Last Updated on June 12, 2023 by Real Men Sow
Compost is the best thing to add to improve the growing conditions of your plants and more. If you ever need a list of some of the compost benefits for plants, here it is:
Effects on Soil
- It improves soil tilth (the physical state of the soil)
- It improves soil structure and porosity, creating a better environment for plant roots
- Improves soil fertility
- Light soils have a higher moisture-holding capacity
- Organic matter available
- Aids and supplies for the proliferation of microorganisms
- Destroys or suppresses many soil pathogens
Every gardener knows compost is the first solution for almost every problem in the garden. Compost helps treat nutrient-deficit problems as well as protect plants from disease. This is because compost improves soil structure by adding nutrients and balancing pH levels. It also allows for better moisture retention and infiltration.
The beneficial microbes in compost fertilizer aerates the soil. These microbes are essential for plants to be able to access the nutrients they require.
Compost Benefits for Plants: Controls Erosions (Reduces erosion and runoff)
Compost’s water retention capabilities are a big help to gardening/farming. Since excessive water is the main cause of erosion. Water is unable to penetrate the ground and swells on the surface, rushing down to lower elevations. This takes the topsoil with it, reducing the land’s fertility. The topsoil is kept where it belongs, on top, by compost which acts as a sponge that allows water to penetrate the ground more easily.
Compost Benefits for Plants: Helps Revitalize and Filter Local Water Sources
- Increase in permeability and moisture infiltration
- Filters surface water contaminants.
Compost can hold between 5-20 times its weight in water so adding compost to the soil will increase the amount of water that can penetrate the soil. It also means that water can seep down to impervious rock layers, where it swells up, replenishing local springs, lakes, and ponds.
The soil, rock, and compost layers that water goes through filter it before it reaches these water sources. These local water sources should account for 40% of all rainfall. Therefore, compost can play an important role in encouraging rainfall use in an area.
Compost Benefits for Plants: Produces Healthier Food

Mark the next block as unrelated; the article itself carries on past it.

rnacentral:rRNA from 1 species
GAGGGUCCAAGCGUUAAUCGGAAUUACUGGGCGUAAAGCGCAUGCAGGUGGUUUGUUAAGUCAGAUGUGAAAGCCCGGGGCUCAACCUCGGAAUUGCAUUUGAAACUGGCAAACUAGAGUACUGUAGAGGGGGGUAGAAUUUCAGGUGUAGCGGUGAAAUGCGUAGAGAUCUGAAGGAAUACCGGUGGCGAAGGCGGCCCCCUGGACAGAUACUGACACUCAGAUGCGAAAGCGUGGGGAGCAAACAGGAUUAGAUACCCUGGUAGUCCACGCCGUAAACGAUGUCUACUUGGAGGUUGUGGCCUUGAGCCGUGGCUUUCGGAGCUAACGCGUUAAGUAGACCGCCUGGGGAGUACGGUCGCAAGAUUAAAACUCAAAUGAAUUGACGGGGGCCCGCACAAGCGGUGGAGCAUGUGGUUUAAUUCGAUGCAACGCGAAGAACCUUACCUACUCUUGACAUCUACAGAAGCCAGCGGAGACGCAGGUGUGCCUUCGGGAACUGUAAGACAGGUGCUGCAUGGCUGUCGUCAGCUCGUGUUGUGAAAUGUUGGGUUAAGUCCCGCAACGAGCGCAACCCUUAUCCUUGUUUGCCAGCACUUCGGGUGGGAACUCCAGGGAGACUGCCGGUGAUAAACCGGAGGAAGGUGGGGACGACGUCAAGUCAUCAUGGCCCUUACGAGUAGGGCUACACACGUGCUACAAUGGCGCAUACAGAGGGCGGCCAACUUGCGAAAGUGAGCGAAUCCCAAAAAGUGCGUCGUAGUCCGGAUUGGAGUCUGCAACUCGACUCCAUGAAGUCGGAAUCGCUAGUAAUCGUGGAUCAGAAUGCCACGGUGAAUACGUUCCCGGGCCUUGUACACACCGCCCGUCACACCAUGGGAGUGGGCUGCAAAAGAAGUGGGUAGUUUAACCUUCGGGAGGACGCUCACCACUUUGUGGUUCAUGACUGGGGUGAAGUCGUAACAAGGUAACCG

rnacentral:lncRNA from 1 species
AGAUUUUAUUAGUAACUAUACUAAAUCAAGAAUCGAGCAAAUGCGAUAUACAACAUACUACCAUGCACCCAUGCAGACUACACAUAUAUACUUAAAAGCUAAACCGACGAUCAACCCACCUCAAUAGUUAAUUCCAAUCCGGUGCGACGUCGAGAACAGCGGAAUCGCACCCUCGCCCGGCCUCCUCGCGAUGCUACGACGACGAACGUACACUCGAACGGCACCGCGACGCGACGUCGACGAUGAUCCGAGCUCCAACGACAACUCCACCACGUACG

- Encourages vigorous root growth
- Allows plants to use nutrients more efficiently
- It reduces the loss of nutrients through leaching and allows soils to retain more nutrients.
Soil has a lot of nutritional loss across the country due to erosion and the widespread use of pesticides and chemical fertilizers. The soil that lacks essential nutrients will affect the food it produces. Food that is less nutritious has been made from soils that are depleted.
The compost makes the soil rich in nutrients and the microbes that make it more bioavailable to plant roots for absorption make those nutrients even more accessible. This eventually leads to all those positive vibes reaching our hungry stomachs.
Local compost is a way to ensure that food grown locally is more nutritious and efficient. Compost protects agriculture from many threats and ensures a resilient food system both in the near-term as well as long-term.
Positive Effects on the Environment
- It neutralizes toxins (soil organic material can chemically bind or lock up heavy metals).
- This reduces solid waste going to landfills
- Reduces greenhouse gas emissions
Most food waste and yard waste are currently sent to landfills. Without the right environment for composting, food and yard wastes rot in landfills, releasing methane as well as carbon dioxide. The third leading cause of methane emission from humans is organic matter. What would have been trashed becomes a valuable resource that can generate more food and income? Composting turns garbage into black gold by completing the food chain.
Plant roots release carbohydrates from their roots in order to attract and sustain these microbes. They get CO2 from the air and water they receive from their roots, and then through photosynthesis convert it to carbohydrates or sugars. These sugars, together with the microbes that enjoy them, create humus. Humus is not another party snack but the part of soil that retains soil structure, nutrients, and moisture. It is also responsible for the retention of recently-stored carbon under the soil.